Originally from Atlanta, Alaina Beach moved to Music City in 2015 and became involved in the songwriting community. The singer-songwriter recently released her latest single, “This is How You Get to 99,” a touching, emotional track about her grandmother. Right before the holidays, Beach took some time to talk about her roots, the song and more.
Did you always know that you wanted to pursue music professionally?
I have been singing my whole life. I learned to play guitar in high school and was writing songs in college. In 2013, when I was in Greenville, South Carolina my friends encouraged me to play my songs out. I connected with a producer, John Briglevich, in Atlanta and in 2013 and 2014 we recorded some singles. It was my first time in a studio and John really taught me so much. I realized that I still had a lot to learn and being in Nashville, around such incredibly talented musicians, took my writing to the next level.
Was your music always country-leaning?
When I started, it had more of a folk sound. I grew up listening to bands like the Indigo Girls and Jewel. As I began recording and adding instruments, my songs developed into a country sound I liked.
Sarah Darling takes listeners on a journey through cinematic songs about stars, dreams, and romance on her new album, Dream Country. The singer-songwriter, who has released several albums garnering 1/2 million downloads worldwide and two number one videos on CMT and GAC, is gearing up for the project's release on February 10th and graciously took the time to talk about the album, what's ahead and more.
The last song you released was “Little Umbrellas” back in 2013. What have you been doing since?
“Little Umbrellas” was the last track I put out to the world, but over the past few years, I have been diving into a brand new record which I am so excited about. The new album is called Dream Country and it comes out February 10th. This record is something I put my heart and soul into and I hope people identity with it. I had the chance to make it independently from start to finish with every decision being mine, so this is a very personal project that I’m really excited to share with the world. It’s very dreamy, romantic, and sweet and talks a lot about the stars.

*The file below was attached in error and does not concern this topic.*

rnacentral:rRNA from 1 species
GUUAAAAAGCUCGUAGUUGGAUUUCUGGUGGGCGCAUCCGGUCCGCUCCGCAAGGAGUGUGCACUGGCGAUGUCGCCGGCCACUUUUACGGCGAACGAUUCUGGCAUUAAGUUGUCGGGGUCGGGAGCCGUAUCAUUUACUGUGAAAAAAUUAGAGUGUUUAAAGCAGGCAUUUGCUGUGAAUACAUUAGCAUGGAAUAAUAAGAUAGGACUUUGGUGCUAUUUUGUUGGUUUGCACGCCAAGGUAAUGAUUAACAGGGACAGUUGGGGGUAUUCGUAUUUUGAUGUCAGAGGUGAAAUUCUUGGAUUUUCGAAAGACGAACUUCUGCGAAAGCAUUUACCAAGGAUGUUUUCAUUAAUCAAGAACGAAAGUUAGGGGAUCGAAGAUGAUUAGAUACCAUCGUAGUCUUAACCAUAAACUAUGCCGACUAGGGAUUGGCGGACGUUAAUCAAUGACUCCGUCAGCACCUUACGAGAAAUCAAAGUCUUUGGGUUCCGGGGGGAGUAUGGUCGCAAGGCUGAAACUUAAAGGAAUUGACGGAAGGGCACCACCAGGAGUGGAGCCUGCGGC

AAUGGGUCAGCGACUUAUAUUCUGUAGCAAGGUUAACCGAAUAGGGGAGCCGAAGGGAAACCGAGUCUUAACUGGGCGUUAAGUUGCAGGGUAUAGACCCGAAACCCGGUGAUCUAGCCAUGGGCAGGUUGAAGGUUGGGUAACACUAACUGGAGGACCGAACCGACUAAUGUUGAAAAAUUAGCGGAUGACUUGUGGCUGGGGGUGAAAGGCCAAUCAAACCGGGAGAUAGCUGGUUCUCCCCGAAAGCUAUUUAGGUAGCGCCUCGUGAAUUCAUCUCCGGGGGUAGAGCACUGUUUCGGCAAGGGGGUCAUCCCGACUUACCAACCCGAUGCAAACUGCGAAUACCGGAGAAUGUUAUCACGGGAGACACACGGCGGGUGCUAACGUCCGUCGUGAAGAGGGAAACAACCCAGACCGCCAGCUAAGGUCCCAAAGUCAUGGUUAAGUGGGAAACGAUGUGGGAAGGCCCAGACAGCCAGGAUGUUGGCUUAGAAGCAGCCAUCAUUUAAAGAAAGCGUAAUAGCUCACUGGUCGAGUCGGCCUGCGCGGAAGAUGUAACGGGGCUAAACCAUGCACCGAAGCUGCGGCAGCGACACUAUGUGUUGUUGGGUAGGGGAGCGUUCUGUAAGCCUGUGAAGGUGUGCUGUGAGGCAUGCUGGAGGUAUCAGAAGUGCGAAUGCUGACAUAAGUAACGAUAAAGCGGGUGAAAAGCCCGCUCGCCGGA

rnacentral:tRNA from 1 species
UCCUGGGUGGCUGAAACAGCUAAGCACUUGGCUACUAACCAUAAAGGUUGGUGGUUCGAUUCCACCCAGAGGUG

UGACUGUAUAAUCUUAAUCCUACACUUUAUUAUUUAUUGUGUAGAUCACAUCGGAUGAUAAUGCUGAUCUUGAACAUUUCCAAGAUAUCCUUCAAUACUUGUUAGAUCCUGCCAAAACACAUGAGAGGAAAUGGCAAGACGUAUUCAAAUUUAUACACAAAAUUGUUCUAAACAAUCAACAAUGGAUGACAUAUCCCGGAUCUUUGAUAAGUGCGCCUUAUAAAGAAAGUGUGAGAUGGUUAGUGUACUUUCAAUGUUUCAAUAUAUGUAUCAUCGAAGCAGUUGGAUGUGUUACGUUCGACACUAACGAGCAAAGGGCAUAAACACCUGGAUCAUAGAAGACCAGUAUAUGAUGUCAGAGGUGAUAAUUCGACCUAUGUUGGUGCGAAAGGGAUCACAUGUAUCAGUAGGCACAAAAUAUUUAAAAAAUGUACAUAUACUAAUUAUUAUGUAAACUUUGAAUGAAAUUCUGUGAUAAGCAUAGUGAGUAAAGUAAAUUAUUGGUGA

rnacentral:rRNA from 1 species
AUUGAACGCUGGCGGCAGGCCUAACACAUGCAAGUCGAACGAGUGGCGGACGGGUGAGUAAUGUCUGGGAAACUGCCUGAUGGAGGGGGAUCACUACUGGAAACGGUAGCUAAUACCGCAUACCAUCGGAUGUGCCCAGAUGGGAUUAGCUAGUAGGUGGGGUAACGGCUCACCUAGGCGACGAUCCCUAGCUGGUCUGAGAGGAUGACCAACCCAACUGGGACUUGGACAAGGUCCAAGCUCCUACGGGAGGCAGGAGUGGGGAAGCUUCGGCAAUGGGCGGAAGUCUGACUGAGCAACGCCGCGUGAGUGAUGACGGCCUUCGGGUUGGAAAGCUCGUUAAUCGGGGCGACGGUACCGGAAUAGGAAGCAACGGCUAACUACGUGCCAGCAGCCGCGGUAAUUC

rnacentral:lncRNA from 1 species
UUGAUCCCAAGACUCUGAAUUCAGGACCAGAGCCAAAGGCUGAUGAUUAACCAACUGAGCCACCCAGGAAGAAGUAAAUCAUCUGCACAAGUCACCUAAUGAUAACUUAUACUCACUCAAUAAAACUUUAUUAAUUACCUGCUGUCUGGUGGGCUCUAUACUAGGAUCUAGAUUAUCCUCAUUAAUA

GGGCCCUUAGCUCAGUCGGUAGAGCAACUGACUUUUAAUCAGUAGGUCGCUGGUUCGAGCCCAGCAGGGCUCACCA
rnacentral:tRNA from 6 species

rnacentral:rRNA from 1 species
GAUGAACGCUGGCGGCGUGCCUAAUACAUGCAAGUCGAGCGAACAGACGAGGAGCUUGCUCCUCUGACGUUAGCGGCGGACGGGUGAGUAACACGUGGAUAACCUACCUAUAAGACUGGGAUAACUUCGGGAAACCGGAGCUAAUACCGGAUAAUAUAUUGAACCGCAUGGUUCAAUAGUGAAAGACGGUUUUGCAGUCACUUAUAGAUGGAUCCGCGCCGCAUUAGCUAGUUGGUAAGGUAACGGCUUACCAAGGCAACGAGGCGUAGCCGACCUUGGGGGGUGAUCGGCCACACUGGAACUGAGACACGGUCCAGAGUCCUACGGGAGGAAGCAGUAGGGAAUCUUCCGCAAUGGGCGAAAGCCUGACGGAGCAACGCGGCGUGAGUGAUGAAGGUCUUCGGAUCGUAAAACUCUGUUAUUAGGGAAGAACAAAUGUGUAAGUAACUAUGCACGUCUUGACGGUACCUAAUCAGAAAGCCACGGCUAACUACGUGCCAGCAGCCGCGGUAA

The record was funded via a Pledge campaign. Was it the first time you did something like that?
This was the first time I ever made an album with the fans and it was an incredible experience. I was so much more involved in the process and felt so personably attached to it. My fans, friends, and family paid money to help me make my dream record which was really amazing. The people who Pledged are getting the music, but I feel that they changed my life by allowing me to make this record. This project means so much to me and it’s all because of them taking the time to do something they didn’t have to do. They’re wonderful.
Raised in Connecticut and currently residing in Florida, singer-songwriter and multi-instrumentalist Caroline Jones recently released her new single “Tough Guys.” The song, from a forthcoming country album, is a tongue-in-cheek foot stomper that speaks to personal empowerment. As the single takes off on Sirius XM’s The Highway, Jones kindly answered a few questions via email about the single, it’s accompanying video and more.
Since many listeners might be new to you, can you briefly talk about when you decided to pursue music professionally and what drew you to Nashville and Country Music?
I have been writing poems and stories since I could read. When I was nine years old I began singing lessons, and once I realized I could set my poetry to melody, I knew that music would be my life’s work. I went to Nashville for the first time when I was seventeen and fell in love with the community of songwriters and musicians there who emphasize craftsmanship and storytelling.